The Brady Handgun Violence Prevention Act
In 1993, President Clinton singed the Brady Handgun Violence Prevention Act, the most significant federal gun law reform in decades.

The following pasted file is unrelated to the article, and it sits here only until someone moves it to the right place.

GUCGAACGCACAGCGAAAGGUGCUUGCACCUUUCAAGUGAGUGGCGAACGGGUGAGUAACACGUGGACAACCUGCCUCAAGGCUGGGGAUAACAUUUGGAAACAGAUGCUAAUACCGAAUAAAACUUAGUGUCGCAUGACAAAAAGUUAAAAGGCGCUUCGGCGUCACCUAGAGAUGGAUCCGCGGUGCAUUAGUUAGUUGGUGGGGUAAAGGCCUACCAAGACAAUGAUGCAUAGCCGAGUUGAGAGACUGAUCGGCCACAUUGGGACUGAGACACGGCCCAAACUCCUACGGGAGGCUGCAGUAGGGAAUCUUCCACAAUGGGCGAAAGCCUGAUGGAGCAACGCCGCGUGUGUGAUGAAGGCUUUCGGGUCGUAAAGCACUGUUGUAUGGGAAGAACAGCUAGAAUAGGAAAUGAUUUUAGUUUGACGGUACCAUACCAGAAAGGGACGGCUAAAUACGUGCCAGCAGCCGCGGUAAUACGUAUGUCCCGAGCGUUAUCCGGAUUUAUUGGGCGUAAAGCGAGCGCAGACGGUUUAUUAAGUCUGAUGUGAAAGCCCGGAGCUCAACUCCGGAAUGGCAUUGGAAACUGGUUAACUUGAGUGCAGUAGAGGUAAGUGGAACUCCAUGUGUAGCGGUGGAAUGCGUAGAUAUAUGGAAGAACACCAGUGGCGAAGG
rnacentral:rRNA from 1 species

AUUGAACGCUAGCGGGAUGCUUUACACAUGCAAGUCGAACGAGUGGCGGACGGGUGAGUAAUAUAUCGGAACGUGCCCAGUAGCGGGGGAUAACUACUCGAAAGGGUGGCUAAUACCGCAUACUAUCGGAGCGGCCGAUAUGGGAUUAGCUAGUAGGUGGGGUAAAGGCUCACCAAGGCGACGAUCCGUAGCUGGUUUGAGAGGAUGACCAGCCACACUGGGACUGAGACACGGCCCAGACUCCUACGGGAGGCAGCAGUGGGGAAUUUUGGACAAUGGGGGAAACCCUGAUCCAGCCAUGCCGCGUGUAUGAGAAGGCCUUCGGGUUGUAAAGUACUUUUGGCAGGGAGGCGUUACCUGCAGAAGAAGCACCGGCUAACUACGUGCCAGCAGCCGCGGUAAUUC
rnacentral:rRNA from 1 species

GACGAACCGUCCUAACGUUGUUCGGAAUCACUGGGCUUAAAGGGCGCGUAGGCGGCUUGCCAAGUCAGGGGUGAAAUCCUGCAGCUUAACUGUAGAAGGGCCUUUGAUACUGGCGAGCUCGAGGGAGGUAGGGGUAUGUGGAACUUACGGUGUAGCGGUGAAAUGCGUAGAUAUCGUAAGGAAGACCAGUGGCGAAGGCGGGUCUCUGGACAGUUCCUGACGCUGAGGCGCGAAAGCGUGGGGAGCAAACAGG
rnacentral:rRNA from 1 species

Congress passed the Brady Handgun Violence Prevention Act, named after Reagan Press Secretary James Brady, in 1993. In 1981, John Hinkley Jr. shot Brady in the head during his attempted assassination of President Ronald Reagan. The Brady Act created the National Instant Criminal Background Check System (NICS) and requires FFLs to conduct background checks to ensure buyers are eligible to purchase and own a gun. Federal law bars certain groups of people from owning firearms, including those indicted or convicted of a felony, drug users and addicts, the mentally ill, illegal immigrants, dishonorably discharged service members, some domestic violence abusers, and minors, among others. In theory, when those individuals attempt to purchase a firearm, the NICS will flag such cases and prevent them from doing so. However, it is voluntary for states to submit records to NICS, so data is incomplete. Since its implementation, the background checks system has prohibited over three million people from illegally buying a gun.